Fortunately I was in India at the time, went to our favourite sari shop Meenakshi Fashions, consulted with the owner with a very worried expression. I told him my request and he just smiled, “Mataji, don’t worry, that is not a problem at all. The Jains wear silk all the time but it’s the Ahimsic kind you know – non-violent.”

“What! Ahimsic silk, what is that?” I was happily surprised to learn about this and thought of my luck at this quick solution to a problem that to me had seemed unsolvable.

Then he took me to an upstairs showroom, opened a large cabinet and had his assistant pull out the most exquisite, colourful set of festival saris – all woven silk clothes. As he started to unwrap and display, he explained, “These are all made of banana silk, completely non-violent. I keep these for special customers like you who do not wish to buy the regular silk saris.”

I was astonished. I had lived long enough in India to develop a healthy appreciation for the variety of silks available, had even visited some villages where saris were hand woven, but had never heard of silk spun from the suppliant banana plant.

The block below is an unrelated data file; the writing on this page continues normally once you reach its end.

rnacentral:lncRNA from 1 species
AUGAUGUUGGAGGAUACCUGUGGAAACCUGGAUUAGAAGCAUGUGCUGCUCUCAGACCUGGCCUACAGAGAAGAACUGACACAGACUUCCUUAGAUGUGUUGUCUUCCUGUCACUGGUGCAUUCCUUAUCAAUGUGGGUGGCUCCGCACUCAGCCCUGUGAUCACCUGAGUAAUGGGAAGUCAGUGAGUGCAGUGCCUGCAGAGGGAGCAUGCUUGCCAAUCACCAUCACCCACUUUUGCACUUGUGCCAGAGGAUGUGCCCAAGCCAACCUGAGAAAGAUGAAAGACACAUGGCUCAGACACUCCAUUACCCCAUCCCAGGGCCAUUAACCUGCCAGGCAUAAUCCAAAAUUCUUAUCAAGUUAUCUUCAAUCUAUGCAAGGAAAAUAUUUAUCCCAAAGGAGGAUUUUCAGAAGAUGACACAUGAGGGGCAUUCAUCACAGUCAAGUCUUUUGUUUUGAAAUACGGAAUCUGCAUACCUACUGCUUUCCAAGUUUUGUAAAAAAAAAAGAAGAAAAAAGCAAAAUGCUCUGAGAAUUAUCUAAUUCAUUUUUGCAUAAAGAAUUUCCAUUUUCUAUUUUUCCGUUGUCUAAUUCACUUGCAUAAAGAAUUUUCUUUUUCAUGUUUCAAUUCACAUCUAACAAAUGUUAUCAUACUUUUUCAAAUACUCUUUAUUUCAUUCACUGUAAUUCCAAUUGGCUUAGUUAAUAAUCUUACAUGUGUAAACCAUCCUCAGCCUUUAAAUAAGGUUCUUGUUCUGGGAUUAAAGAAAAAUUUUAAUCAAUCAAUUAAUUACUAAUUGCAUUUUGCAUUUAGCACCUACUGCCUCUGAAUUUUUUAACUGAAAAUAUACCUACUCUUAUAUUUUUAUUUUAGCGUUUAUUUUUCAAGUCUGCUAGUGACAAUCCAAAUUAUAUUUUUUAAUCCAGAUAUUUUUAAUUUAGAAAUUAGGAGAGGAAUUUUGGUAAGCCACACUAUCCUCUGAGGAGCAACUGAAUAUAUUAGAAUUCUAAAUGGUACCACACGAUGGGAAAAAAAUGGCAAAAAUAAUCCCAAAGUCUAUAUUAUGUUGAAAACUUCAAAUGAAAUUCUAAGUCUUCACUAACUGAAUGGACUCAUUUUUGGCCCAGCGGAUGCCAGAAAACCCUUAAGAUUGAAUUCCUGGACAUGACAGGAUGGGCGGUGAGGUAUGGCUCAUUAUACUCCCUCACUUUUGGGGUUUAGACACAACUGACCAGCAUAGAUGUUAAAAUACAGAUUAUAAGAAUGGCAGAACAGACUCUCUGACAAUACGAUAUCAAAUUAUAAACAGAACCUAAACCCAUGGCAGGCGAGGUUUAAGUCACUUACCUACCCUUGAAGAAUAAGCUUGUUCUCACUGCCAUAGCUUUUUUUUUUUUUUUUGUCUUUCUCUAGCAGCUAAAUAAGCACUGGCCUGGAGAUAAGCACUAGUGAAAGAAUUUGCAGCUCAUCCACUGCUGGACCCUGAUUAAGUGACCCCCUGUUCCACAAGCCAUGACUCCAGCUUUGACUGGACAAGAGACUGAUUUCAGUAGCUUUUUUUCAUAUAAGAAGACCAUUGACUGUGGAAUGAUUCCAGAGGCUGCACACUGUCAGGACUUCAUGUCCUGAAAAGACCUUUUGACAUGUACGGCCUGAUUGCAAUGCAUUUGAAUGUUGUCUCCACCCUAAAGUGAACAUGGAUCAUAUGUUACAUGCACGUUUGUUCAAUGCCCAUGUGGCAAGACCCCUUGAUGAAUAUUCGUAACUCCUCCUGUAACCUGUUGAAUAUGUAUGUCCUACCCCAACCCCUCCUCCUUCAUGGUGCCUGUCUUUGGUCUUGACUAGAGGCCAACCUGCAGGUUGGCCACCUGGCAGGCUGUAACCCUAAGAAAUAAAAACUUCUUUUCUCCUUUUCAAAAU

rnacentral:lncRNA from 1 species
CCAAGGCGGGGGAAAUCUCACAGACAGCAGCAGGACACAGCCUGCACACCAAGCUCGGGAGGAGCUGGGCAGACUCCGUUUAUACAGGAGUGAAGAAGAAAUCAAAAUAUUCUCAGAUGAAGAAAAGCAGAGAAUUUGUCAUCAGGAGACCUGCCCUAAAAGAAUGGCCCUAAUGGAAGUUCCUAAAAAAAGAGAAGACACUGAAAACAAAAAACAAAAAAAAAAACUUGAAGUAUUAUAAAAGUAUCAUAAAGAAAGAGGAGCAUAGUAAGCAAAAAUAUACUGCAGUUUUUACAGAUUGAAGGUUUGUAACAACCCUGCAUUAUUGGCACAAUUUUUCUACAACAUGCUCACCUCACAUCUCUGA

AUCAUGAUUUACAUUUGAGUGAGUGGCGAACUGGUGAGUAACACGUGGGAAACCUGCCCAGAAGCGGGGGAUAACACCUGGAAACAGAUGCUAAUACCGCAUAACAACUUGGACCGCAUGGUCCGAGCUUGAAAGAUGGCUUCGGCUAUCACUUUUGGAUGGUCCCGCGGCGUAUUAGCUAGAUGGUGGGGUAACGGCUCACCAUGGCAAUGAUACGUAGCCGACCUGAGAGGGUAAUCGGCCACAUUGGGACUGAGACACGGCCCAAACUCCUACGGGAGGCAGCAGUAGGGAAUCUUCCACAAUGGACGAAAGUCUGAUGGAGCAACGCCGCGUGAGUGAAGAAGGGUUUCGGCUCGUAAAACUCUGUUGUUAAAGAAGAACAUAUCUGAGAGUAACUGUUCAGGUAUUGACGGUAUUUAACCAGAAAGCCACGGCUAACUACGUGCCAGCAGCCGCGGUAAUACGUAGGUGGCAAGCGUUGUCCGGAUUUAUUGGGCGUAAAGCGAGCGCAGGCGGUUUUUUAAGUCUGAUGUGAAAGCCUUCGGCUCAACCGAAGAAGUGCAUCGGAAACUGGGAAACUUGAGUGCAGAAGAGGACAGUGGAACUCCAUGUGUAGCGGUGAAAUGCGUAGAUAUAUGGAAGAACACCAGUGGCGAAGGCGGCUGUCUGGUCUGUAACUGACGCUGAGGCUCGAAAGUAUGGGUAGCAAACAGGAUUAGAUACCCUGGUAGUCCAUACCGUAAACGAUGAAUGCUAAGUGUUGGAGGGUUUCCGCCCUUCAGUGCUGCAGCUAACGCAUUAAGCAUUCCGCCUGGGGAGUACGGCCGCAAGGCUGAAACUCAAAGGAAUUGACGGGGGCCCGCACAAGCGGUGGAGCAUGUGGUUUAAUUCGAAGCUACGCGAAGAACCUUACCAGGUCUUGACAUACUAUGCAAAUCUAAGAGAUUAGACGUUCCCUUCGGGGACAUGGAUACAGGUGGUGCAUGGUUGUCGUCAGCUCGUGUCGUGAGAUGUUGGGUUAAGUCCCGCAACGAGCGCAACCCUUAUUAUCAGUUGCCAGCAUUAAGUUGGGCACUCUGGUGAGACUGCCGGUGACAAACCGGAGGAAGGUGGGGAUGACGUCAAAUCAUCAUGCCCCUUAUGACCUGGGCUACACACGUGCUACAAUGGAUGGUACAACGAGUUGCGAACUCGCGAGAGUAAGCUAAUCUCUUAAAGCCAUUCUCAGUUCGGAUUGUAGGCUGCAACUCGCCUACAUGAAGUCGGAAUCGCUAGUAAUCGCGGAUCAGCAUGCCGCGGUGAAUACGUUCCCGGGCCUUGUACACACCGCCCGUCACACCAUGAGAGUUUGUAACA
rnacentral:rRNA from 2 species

“Banana fabric is a beautiful, animal-free textile that mimics real silk, and acts as a great vegan alternative. The fibre material comes from the stalk of the banana plant, and while it is certainly a unique idea, it is not new. The textile has been used in Japanese and Southeast Asian cultures as early as the 13th century.” (Wikipedia).

I ran my hands over the soft material and was amazed at the delicate texture, the fine weave and patterns. He went into an elaborate description of how banana silk is transformed into such fabulous fabric.

My husband was from the Punjab and my ancestors were from Allahabad. I was born of Indian heritage in the only English-speaking colony on the South American coast Guyana, formerly British Guiana.